The King's Fistula

 Helen loves Bertram, who is the son of a Count, but cannot wed him because of his socially superior standing. However, she had recently lost her father, a physician who had concocted a medication so efficacious that he had advised Helen to withhold to apply it "only in unusual need." Being fatherless, Helen becomes a ward of the King of France who suffers from an ailment called a fistula, which physicians cannot cure. Helen is determined to use her father's potion to cure him, and the monarch is so grateful that he bestows a title upon her and tells her that she can wed anyone that she fancies. Playgoers might expect Helen to tell the French King whom she wants, but does not do so. If out of deference to His Majesty, this is at odds with her resoluteness and strength of character. Thus, the King presents four local courtiers for her to choose from. She considers and rejects each in turn, before selecting Bertram. So, why the added palaver? Diana, who helps Helen get her man, suggests an answer. She invokes the deity Jupiter when she tells the King, "By Jove, if ever I knew man 'twas you."  

Bertram is displeased with his forced marriage and vows never to consummate it. He flees Paris to fight in a war in Florence, Italy, and Helen returns home to southeast France. She dupes everyone there into believing that she has gone on a pilgrimage to the shrine of Saint James ("Saint Jacques") at Santiago de Compostela in northwest Spain, but instead she goes in the opposite direction to Florence, Italy, thus avoiding any potential pursuit. However, she still maintains her guise as a pilgrim to the Spanish shrine, and her identity as French. Why is a French pilgrim going to Spain via Italy? Why must she go east to go west? This oddity, like others in the cosmic genre of Shakespeare's plays, is overlooked. An explanation may lie in the etymology of "Jacques," which is often converted in English to "Jack," which in turn since medieval times is a diminutive of "John." If so, it is not much of a stretch to "Johannes," which is Kepler's first name. Possibly, Shakespeare lauds the mathematician who in Prague in 1600 became an assistant to Tycho Brahe. Prague is in Bohemia, which lies east of France and whose fictional wilderness is home to ferocious bears.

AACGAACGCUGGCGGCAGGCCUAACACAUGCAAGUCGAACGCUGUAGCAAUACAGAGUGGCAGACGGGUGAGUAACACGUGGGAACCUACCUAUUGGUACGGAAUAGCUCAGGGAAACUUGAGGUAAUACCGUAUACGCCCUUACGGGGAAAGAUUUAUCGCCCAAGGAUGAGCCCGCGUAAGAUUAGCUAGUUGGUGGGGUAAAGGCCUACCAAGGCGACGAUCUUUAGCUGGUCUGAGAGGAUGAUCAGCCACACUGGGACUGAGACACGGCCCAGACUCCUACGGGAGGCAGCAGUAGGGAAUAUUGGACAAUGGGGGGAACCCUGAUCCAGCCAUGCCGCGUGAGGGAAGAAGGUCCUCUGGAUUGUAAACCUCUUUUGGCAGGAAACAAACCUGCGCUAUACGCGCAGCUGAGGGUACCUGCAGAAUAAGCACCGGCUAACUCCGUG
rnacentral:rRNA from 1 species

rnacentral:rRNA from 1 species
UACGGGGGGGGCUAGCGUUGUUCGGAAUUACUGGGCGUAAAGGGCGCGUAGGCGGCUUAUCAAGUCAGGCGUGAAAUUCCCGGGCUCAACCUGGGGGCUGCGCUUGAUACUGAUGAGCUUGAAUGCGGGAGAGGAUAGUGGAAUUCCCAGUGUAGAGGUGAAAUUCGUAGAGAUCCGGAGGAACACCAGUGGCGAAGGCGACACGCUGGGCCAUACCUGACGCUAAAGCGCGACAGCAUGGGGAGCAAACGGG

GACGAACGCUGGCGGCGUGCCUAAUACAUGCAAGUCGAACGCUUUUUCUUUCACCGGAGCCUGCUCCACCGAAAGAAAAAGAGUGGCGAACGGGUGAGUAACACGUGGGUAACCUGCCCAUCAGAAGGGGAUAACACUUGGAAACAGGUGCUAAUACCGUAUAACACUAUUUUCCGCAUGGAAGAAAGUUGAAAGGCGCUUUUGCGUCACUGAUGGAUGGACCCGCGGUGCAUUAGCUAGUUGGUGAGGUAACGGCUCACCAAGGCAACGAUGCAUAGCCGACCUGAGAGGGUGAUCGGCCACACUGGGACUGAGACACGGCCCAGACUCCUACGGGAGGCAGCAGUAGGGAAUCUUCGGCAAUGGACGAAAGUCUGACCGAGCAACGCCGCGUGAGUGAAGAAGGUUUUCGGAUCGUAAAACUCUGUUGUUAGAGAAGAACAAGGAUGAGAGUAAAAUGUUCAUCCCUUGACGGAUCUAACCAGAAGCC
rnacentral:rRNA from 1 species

Jove and his four brightest moons as they might appear through binoculars. 

 There is no reason why Helen should conflate the chief deity of Mount Olympus with the King of France unless to explain why the King as Jupiter has four courtly satellites. Helen turns them all down if only because she prefers the greater luminary Bertram, whom she equates with Kepler's supernova, SN 1604. 

 Johannes Kepler (1571-1630). 

From a portrait of 1610.

A Gentle Astringer

Act 4 of All's Well ends with a reference to feathered hats, and the start of act 5 features the entrance of a gentle astringer -- a gentleman falconer. Critics assail the seeming superfluousness of this character, but editors Barbara Mowat and Paul Werstine suggest that the character's meaning is yet to be revealed. The astringer moves the plot forward to its resolution by helping the rapprochement of Helen and Bertram, but what of his sub-textual role?      

A Northern Goshawk, whose range includes southern France. "Astringer" means literally "a keeper of goshawks." 

Optics

Identification of Leonard Digges with raptors and their keepers suggest that the gentleman falconer stands for Leonard Digges, but why does Shakespeare even bother to introduce Leonard into this particular play? In 1604, the same year that SN 1604 burst forth, Kepler published a book that critics agree is the foundation of modern theoretical optics, and Shakespeare marks the occasion by referencing the first person to develop and deploy an astronomical telescope.